My name’s Barry Horowitz, and I’m a strategy and growth consultant. People say that business plans are dead or are obsolete. “Nobody is going to take the time to read all the way through.” And you all heard the famous statement from the military side: “No battle plan survives first contact with the enemy. In a business sense, sometimes they say “No business plan survives first contact with the customer.” However, there are several reasons that you should have a business plan.

The Devil is In the Details

Mainly it’s not the plan itself, but the process of developing the plan that’s critical. It forces you to think through a lot of important steps.

While it’s generally true that venture capitalists and angel investors might not read the full plan right away, they want to see an executive summary and hear your brief investor pitch. But many of the things you need to be able to say in those come from having thought through the details and from writing a business plan. If you’re approaching a bank, they may actually need more of a plan as well.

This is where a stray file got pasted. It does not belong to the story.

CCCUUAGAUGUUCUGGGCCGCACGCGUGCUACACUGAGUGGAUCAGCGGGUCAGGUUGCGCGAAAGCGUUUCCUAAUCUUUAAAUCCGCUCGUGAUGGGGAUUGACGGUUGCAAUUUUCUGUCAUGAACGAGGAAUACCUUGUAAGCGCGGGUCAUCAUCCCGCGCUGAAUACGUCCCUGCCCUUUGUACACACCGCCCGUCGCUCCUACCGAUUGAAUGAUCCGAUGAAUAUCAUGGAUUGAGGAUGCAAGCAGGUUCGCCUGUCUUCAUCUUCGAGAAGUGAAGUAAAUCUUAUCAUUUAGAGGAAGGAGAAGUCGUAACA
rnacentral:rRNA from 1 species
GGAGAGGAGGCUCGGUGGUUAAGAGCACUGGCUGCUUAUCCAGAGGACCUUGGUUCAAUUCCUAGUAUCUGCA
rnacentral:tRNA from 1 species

Building the Winning Team

Business plan also helps you figure out what you need for your company. If you’re trying to hire good people, the plan helps you explain what the business is about. Try to encourage them to want to join the team. You want to make sure that your team is aligned and working together.

Having a plan provides that roadmap. There’s famous discussion, and I believe Jim Cook from Boston Beer was talking with somebody about what happens if the team knows their strategy or your plan and they leave. His response was something along the lines of: what happens if they stay and they don’t know the plan? The business plan helps make sure that you’ve thought through all the assumptions, thought through all of the critical parts, and that you have a tool that helps guide your team to follow through